A lot of performers have had multi-layered careers with success in a wide variety of musical areas. One singer who successfully navigated her way through several would be Joanie Sommers, who has been everything from a teen idol to a familiar voice in TV commercials, but eventually became a respected jazz vocalist.
Joanie Sommers (real name Joan Drost) began singing as a child, and even won a talent contest in her home city of Buffalo, New York, before her family moved to California. While still in her teens she was signed by Warner Brothers and soon made a couple of acting appearances on the TV show, 77 Sunset Strip. Before long she was paired up musically with one of the stars, Edd “Kookie” Byrnes, who had become the idol of countless fans. He’d had a huge hit with his “Kookie, Kookie (Lend Me Your Comb),” a novelty song that played on his character’s famous pompadour. Although his partner on that song was Connie Stevens, Joanie and Edd sold some records with “I Don’t Dig You” and “Hot Rock,” before they went their separate ways.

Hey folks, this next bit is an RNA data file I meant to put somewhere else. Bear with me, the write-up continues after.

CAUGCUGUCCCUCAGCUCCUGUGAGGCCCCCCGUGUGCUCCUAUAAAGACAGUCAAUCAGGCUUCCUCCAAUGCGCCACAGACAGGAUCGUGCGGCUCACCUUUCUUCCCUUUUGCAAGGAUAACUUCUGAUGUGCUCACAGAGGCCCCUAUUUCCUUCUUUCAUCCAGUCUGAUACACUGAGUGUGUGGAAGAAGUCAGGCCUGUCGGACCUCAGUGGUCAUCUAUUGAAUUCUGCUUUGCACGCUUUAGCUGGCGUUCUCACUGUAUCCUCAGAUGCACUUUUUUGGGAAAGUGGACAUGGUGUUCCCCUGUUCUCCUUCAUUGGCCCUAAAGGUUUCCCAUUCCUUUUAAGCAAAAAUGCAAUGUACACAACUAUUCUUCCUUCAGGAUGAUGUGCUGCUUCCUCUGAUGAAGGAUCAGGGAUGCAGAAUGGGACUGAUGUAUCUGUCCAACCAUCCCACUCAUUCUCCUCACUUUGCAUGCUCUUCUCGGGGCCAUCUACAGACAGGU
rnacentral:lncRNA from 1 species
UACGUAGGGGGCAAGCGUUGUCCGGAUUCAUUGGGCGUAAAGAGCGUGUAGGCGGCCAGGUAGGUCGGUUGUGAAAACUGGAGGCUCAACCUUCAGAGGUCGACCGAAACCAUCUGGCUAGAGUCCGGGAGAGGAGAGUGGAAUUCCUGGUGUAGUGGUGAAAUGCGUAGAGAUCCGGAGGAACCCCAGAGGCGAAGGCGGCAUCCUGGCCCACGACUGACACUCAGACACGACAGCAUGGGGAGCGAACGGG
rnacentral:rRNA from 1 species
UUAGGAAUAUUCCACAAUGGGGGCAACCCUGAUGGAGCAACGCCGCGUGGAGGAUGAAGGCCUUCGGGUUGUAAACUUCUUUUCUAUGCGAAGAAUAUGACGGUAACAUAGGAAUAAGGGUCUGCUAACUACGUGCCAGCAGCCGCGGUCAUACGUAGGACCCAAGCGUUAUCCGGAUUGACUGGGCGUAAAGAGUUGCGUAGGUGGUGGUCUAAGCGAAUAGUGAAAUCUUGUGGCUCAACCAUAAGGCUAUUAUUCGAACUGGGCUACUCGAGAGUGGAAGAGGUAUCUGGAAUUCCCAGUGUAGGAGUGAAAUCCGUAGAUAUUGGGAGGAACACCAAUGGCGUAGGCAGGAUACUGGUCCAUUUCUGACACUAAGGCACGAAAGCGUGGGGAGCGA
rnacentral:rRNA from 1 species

Joanie soon began to find some individual success with her first solo record, 1960’s “One Boy,” but it took a couple of years for her to strike it rich with what would be her biggest, “Johnny Get Angry.” Its popularity helped her keep working steadily, not only in the recording studio and on TV guest shots (see below) but even with the occasional acting job.
Throughout the Sixties, Joanie continued to do guest shots on TV variety shows, including those of Dinah Shore and Dean Martin, and kept a busy recording schedule too but didn’t have another mega-hit. However, she enjoyed another kind of success by singing in a series of Pepsi-Cola TV ads — even becoming known for a time as “The Pepsi Girl.” She also began finding more and more success — and appreciation by critics — as a jazz singer, with standards like “Baby It’s Cold Outside,” “April In Paris,” and “I Concentrate On You,” among her best.
By the Seventies, Joanie Sommers — by then the mother of three — was ready to leave the business behind for a while. After a number of years in private life she again began to make some occasional appearances, but it now looks like the Pepsi Girl has retired.
3 thoughts on “Joanie Sommers – Finding Her Musical Path”
You remind me that the voice of Joanie Sommers was part of the aural woodwork for several years between her recording career and the ubiquitous Pepsi commercials. And I had forgotten she did “Johnny Get Angry.” That song was never the same for me once I saw the video of a very young kd lang–still in her cowgirl incarnation–doing a sung “dramatic reading” of it in which she works herself to fever pitch and finally goes round the bend, begging Johnny to DO SOMETHING!!!! It”s very funny and worth a Youtube search.
Thanks for the tip, Ralph. I think there is more than one version on Youtube, but is this the one you mean?
That’s the one!